- not really advisable.

Generally it would not be unusual for your 18 karat piece to test 15 karats or for

15 karats to test 12 karats in Phnom Penh.

But while it is difficult to check for purity, it is very easy to check if the piece

you are interested in is gold plated rather than solid gold.

For this an emery board is the ideal tool. Take the piece of jewelry (with permission

of course) and file into one spot, (obviously at the rear of the piece) and see what

lies underneath. If you see a distinct change in color, probably to a copper color,

then the item is likely to be gold plated and the plate probably only 9 to 12 karats.

In the markets you will generally pay for gold jewelry by weight in grams plus a

percentage for the labor, so always have the item weighed.

Expect to pay (currently) from $6 to $10 per gram depending on the percentage of

gold (karatage) plus, as a rough guide, about 10% for labor.

So if you find a 50 gram 12 karat gold chain on sale for half of the approximate

$350 you should expect to pay, it's likely to be plate. Particularly look for plate

in light gemstone necklaces and bracelets.

Silverware is also in abundance in Phnom Penh's markets but that silver elephant

or those wonderfully Khmer decorated serving spoons and ladles may not be what they

appear to be. If it is marked 50% silver then it will only be silver plate, usually

on a brass or copper base.

The item is produced in the base metal and then dipped. As long as you know it is

plate the product is fine, but you must keep it away from the dishwasher or for that

matter silver polish.

Just wash local plate in soap and water and polish it with a soft cloth. If the brass

does show through, you can buy silver dip or silver converter to renew the silver

color. Some silver sellers will sell you a local product equivalent.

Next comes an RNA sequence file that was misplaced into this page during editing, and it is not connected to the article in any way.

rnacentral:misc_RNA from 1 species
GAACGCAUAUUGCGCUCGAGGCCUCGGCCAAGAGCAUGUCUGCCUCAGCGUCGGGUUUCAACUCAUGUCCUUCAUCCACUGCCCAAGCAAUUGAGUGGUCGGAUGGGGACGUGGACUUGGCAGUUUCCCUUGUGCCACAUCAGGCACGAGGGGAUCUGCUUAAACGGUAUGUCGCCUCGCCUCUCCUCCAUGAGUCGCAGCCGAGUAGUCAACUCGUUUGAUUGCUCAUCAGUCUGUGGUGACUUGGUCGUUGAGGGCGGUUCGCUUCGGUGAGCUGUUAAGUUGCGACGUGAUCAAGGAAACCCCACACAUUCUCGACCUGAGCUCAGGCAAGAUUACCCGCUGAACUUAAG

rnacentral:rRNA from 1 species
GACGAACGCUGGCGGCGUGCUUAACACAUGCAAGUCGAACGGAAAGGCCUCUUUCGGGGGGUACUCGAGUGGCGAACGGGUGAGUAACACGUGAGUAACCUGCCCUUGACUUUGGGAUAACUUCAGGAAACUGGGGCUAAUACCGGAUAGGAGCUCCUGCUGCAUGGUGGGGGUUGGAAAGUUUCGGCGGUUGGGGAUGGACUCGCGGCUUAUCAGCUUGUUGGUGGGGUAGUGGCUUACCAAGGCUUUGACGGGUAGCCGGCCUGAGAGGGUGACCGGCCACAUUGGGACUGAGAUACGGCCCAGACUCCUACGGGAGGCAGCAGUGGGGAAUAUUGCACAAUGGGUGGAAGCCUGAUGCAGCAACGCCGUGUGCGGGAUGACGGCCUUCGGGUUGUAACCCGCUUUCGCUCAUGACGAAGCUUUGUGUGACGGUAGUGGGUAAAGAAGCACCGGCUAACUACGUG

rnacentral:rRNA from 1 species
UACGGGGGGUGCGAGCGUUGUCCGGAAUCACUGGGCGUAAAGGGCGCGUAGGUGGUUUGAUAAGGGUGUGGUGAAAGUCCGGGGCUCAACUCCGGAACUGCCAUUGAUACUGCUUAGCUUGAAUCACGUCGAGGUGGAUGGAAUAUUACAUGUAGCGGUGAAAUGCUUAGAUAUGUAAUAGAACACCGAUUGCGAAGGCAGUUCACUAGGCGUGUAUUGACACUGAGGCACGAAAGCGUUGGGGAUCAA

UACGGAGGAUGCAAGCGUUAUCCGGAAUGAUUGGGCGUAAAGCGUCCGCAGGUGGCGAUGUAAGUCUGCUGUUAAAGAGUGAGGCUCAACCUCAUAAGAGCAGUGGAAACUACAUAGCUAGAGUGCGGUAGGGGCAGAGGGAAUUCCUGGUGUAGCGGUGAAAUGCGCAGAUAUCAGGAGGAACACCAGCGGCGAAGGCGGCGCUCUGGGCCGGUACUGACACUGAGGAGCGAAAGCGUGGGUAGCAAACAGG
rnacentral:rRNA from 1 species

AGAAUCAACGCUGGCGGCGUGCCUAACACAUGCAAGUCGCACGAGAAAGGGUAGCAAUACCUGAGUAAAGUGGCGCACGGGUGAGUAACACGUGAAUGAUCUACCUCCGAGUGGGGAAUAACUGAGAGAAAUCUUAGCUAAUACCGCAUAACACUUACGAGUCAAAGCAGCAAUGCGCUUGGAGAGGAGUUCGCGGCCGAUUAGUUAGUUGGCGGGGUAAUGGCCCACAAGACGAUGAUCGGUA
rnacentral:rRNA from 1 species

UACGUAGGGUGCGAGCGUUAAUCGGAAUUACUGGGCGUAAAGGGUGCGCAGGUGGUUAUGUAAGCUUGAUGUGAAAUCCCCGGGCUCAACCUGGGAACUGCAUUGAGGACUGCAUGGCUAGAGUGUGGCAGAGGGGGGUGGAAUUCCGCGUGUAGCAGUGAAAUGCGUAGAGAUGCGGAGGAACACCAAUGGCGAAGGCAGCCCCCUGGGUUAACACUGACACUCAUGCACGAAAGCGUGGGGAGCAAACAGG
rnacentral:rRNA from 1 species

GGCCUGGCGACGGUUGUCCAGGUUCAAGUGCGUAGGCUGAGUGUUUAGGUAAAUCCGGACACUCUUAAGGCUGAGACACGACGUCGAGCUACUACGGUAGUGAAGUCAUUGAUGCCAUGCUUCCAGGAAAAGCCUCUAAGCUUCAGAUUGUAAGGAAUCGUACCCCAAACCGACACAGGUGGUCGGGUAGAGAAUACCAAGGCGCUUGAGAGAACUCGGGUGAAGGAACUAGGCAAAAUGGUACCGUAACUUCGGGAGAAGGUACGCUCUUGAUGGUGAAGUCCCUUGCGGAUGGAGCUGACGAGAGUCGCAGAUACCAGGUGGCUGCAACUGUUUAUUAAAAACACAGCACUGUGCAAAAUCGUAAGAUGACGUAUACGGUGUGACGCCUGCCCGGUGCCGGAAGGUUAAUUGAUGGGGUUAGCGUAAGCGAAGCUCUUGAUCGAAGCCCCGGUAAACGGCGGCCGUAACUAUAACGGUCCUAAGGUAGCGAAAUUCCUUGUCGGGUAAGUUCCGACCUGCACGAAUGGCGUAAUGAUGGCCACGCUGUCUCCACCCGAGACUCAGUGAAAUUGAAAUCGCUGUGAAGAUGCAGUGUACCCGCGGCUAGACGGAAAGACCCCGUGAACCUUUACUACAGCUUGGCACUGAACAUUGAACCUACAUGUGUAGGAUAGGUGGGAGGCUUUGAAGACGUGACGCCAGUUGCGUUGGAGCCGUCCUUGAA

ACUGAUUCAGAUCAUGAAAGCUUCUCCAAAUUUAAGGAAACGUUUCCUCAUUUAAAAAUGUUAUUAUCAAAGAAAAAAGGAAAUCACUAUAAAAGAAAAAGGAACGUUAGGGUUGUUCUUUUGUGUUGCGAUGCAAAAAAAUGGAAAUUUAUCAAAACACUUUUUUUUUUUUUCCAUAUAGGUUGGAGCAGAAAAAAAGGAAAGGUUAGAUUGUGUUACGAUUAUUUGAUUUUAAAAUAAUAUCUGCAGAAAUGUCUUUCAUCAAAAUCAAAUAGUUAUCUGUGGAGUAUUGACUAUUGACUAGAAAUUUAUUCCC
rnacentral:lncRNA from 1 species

Although gold may be described by "fineness" in parts of 1000, it is more

usual that silver is described that way, i.e. 800 or 900 silver, or by a percentage

as we find in Phnom Penh. I've talked about what generally constitutes 50% here (silver

plate), but you will find so-called 70% and a lot of silver marked 90%. The purer

the silver, the dearer it is and generally the softer it is, i.e. cutlery items will

easily bend in your fingers. Again, there are acid tests, but it is easier to go

back to the emery board and the underside of the item to test for plate.

If you file to a change of color (brass or copper) the answer is obvious.

Price is also an excellent test of the quality/fineness of silver pieces. For 90%

silver you will pay a minimum of $25 per hundred grams. If the price is less it is

most unlikely to be 90%.

As an aside, the weight of 18 karat gold is about one and a half times heavier than

the weight of pure silver of the same volume. So when you ask a jeweler to copy a

100 gram silver chain in 18 karat gold, the same size chain will need to be 150 grams

in weight. The copying skills of goldsmiths and silversmiths in Phnom Penh are generally

excellent and most of the time a good picture will suffice for a quality copy to

be produced. If you're not happy with the result don't pay until the product is as

you want it.

In summary, remember rule one: if you cant get a "money-back" guarantee,

don't buy!